The South African Reserve Bank raised the prime overdraft rate (the average interest rate charged on loans by banks) a further 25bps in March 2016 to 10.50% amidst mounting inflationary pressures. This is the third straight rate hike in a row since November 2015 where it was raised to 9.75%. Factors such as a rise in food prices and deteriorating economic growth have driven inflation above the SARB’s 3-6% target, currently sitting at 7%.
How does this affect the SA consumer?
Many South African consumers utilising credit products will be negatively impacted by interest rate hikes, particularly those in the low to middle income bracket already experiencing financial pressure. Rate hikes increase the amount of money paid on facilities like a home loan, car finance and credit cards. As monthly instalments increase in cost, expendable income decreases and financial difficulty sets in.
What affect does this have on home loan repayments?
Interest is calculated daily on the outstanding balance of the home loan. Increases in the home loan rate, which is the interest rate paid on a bond, have a direct affect on the monthly home loan repayments.
For example; On a bond of R1 000 000 over a 20 year term at an interest rate of 10% per annum the monthly loan repayment is R9 650, similar to that of November last year. At 10.50% the bond repayments increase to R9 980.
Should the prime lending rate increase a further 50bps to 11% the repayment amount increases to R10 032. At 11.50% the home loan repayments have increased by a staggering R840 to R10 490; the financial implications being that consumers will have to make provision in their budget for an additional amount of almost R1 000. And interest rates are predicted to rise again this year!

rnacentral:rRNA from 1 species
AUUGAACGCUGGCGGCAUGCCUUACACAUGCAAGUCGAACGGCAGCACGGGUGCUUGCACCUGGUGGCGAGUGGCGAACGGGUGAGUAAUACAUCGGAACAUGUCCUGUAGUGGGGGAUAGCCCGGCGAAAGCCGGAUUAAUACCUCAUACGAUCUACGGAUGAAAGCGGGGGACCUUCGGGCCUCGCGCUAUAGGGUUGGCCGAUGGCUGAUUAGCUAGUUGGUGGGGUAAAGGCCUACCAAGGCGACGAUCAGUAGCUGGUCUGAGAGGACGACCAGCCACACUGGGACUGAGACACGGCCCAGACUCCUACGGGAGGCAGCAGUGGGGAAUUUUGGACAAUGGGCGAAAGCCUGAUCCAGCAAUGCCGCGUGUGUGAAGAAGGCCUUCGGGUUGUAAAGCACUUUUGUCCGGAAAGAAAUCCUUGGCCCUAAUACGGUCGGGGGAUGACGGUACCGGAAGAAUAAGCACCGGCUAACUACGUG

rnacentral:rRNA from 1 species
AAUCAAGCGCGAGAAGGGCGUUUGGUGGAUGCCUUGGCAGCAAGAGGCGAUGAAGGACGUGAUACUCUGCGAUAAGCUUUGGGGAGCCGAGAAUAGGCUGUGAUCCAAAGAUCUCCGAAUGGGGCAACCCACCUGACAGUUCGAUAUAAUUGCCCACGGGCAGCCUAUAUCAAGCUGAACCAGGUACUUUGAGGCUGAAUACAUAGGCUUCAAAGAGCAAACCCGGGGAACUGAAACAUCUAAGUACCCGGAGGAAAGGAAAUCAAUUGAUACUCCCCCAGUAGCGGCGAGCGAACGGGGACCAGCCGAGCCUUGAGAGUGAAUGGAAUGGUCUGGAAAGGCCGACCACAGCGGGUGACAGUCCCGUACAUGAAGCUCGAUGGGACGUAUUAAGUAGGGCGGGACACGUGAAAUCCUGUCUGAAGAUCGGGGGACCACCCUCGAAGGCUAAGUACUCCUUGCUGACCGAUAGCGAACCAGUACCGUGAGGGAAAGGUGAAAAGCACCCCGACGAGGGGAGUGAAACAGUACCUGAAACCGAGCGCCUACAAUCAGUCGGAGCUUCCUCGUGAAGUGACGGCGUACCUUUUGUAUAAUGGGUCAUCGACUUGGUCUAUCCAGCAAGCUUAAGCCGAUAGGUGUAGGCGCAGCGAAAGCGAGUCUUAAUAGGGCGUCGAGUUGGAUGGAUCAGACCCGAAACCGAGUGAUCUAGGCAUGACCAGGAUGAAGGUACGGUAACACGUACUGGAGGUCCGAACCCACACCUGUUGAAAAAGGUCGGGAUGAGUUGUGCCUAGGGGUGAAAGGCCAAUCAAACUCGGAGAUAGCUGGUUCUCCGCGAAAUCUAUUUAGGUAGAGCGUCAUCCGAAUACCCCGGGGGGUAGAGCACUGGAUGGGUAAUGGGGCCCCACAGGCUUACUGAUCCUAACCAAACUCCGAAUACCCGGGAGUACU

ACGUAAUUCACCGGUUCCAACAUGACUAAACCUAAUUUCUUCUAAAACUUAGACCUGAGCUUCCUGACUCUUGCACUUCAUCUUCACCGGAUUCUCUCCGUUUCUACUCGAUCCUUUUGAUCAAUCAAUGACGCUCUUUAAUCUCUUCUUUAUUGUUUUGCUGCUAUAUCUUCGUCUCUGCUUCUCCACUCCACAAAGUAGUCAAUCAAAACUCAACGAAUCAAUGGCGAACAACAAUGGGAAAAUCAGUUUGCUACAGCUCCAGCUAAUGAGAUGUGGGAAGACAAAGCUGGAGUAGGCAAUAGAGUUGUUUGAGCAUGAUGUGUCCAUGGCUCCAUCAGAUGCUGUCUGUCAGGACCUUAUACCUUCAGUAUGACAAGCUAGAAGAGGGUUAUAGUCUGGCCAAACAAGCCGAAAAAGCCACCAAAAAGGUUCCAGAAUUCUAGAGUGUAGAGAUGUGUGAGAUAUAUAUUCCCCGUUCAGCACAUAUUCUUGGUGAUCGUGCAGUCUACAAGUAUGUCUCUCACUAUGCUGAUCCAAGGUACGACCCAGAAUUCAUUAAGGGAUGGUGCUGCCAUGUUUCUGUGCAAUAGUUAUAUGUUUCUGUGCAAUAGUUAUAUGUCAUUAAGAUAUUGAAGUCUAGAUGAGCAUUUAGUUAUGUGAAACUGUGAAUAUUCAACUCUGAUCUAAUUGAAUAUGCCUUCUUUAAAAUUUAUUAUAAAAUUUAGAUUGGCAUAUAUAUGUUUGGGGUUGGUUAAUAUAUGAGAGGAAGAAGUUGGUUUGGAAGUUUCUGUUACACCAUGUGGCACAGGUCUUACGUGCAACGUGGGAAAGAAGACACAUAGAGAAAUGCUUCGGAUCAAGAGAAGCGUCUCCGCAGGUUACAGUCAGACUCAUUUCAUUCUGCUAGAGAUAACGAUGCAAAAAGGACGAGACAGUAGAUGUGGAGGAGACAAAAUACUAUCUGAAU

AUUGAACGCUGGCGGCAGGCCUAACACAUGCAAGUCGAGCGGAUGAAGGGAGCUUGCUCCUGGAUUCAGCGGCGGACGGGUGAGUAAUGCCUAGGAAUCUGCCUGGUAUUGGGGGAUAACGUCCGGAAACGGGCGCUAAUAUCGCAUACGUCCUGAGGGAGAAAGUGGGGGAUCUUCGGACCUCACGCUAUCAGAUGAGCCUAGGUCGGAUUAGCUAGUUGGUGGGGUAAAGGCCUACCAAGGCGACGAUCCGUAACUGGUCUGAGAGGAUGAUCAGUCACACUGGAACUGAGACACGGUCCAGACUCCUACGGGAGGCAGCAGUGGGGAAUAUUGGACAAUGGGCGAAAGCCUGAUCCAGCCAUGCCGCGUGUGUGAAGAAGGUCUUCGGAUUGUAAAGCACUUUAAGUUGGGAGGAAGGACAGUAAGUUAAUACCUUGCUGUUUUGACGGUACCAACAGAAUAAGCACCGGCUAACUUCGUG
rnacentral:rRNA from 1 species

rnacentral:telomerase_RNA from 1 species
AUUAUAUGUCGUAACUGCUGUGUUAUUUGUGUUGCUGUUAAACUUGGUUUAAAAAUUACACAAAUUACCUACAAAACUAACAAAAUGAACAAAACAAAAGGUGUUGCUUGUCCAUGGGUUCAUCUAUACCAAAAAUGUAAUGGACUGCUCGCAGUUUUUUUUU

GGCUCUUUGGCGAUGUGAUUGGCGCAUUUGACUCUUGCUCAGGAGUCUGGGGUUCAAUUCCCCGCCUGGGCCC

Interest Rate: 10% = Monthly Repayment: R9 650
Interest Rate: 10.50% = Monthly Repayment: R9 980
Interest Rate: 11% = Monthly Repayment: R10 320
Interest Rate: 11.50% = Monthly Repayment: R10 490
How to manage a home loan amidst rising interest rates
Choosing to finance short-term debt over a longer period or extending the length of the bond term may give some immediate relief in terms of smaller monthly instalments but will increase the amount of interest paid as well as the time it takes to pay off, costing significantly more in the long run.
Although both are valid choices, it makes more sense to exercise restraint in unnecessary spending than to take the aforementioned approach with its long-lasting and far-reaching financial consequences. Correct planning and budgeting with the expectation that interest rates will rise in the near future is the key to relieving financial pressure. Discipline is vital!
If possible begin by paying more than the required bond repayment each month. Not only will this settle the balance owed on the bond faster, reducing the length of the loan term, but the total amount of interest paid over the loan term will reduce too. Additional payments can be made into the home loan; for example, bonuses or commission. Large cash deposits will lower the outstanding home loan amount, reduce the interest on the total and assist in building up an advance on repayments.
Homeowners should live within their means and to the best of their ability curb unnecessary spending. Developing healthy budgeting habits will ease financial strain and essentially protect the investment.